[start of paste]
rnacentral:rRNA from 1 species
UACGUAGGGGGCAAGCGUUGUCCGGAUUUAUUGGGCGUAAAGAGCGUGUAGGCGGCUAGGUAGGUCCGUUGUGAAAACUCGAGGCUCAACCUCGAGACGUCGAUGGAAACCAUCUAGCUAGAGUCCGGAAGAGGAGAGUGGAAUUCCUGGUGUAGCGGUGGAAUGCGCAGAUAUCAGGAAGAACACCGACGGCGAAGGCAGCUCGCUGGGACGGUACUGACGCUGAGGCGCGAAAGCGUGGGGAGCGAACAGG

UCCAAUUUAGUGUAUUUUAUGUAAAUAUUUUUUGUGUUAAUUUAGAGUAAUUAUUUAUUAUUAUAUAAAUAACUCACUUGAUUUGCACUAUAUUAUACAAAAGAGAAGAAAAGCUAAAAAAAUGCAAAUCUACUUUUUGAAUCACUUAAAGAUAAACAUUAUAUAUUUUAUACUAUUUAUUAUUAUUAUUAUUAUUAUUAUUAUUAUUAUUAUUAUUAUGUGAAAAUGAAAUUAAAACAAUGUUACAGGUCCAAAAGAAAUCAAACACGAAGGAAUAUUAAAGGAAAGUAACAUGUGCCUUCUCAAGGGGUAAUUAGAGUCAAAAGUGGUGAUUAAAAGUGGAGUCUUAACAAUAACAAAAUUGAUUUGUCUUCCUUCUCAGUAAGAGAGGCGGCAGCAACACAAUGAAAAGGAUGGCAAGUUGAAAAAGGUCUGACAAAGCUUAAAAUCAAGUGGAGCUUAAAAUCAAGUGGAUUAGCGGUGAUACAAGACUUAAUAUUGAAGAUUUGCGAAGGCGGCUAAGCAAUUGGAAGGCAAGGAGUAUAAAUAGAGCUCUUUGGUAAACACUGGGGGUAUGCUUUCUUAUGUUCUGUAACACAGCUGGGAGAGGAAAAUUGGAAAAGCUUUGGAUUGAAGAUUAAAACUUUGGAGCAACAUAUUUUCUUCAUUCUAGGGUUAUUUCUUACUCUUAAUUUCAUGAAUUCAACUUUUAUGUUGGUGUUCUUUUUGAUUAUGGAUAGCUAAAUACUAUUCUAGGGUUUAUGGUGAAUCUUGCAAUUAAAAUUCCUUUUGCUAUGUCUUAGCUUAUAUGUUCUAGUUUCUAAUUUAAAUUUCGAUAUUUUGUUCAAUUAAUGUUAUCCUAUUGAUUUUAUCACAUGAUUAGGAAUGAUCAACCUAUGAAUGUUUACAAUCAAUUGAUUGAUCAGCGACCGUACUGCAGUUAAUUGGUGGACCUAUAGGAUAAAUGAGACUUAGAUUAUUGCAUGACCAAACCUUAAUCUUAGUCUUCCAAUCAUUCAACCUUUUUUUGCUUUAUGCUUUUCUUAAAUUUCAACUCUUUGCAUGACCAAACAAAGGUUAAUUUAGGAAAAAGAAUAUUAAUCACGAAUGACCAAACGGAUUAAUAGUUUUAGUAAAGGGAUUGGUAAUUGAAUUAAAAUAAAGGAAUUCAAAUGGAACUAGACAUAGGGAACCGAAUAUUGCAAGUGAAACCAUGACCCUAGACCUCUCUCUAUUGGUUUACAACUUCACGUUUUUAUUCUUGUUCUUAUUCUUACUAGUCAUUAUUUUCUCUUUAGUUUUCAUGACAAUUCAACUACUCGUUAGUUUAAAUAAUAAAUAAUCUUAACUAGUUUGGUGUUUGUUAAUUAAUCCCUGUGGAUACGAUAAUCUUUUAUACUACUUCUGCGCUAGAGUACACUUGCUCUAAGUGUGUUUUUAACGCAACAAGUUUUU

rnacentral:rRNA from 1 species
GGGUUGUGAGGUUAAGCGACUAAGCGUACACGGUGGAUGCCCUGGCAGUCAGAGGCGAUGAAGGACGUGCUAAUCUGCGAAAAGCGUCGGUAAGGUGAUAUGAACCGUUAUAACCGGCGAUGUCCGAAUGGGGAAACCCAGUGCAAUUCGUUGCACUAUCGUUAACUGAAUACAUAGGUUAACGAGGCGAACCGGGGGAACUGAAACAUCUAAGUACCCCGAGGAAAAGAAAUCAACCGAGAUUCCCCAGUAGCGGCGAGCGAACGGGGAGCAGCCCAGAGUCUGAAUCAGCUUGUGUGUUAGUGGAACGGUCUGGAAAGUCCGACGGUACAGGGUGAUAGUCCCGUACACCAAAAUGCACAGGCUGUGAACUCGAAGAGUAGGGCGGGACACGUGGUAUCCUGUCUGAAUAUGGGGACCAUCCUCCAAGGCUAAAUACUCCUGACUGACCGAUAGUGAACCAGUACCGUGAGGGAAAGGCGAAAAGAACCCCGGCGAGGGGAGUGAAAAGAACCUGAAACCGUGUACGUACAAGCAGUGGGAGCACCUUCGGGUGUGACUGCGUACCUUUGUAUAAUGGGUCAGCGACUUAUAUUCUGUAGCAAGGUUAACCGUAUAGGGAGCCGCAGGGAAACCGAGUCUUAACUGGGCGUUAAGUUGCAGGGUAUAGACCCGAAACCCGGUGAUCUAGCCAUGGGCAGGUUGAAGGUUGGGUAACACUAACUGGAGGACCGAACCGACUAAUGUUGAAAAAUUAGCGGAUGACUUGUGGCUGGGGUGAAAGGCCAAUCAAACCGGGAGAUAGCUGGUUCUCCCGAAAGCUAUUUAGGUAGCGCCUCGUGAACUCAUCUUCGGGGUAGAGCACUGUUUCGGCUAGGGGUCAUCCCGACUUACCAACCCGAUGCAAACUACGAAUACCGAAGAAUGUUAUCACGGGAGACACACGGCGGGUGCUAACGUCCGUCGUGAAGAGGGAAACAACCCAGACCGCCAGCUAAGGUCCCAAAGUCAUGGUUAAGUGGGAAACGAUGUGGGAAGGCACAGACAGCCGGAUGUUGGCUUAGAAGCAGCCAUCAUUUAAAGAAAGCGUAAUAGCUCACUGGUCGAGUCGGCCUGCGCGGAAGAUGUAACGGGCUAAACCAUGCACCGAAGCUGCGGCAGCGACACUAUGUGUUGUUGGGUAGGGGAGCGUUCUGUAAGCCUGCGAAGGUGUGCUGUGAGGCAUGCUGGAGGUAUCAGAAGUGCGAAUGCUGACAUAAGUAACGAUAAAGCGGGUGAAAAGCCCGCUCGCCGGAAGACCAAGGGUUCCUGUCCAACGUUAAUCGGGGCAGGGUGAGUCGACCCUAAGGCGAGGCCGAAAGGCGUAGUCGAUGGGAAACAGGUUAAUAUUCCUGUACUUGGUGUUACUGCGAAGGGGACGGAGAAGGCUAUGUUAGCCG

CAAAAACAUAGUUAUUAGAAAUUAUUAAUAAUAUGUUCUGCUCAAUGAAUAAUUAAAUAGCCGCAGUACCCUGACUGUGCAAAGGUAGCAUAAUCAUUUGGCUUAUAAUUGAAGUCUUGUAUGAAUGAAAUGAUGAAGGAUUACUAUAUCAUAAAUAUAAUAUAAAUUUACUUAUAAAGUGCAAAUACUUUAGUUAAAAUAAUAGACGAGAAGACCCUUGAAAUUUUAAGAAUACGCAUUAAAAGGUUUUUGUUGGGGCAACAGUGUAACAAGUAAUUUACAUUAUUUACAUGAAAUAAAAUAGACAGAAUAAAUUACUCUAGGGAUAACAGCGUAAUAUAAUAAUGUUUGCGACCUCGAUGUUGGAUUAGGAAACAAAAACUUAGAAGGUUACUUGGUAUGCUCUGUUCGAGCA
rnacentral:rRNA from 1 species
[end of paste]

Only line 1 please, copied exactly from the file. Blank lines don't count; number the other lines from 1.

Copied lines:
rnacentral:rRNA from 1 species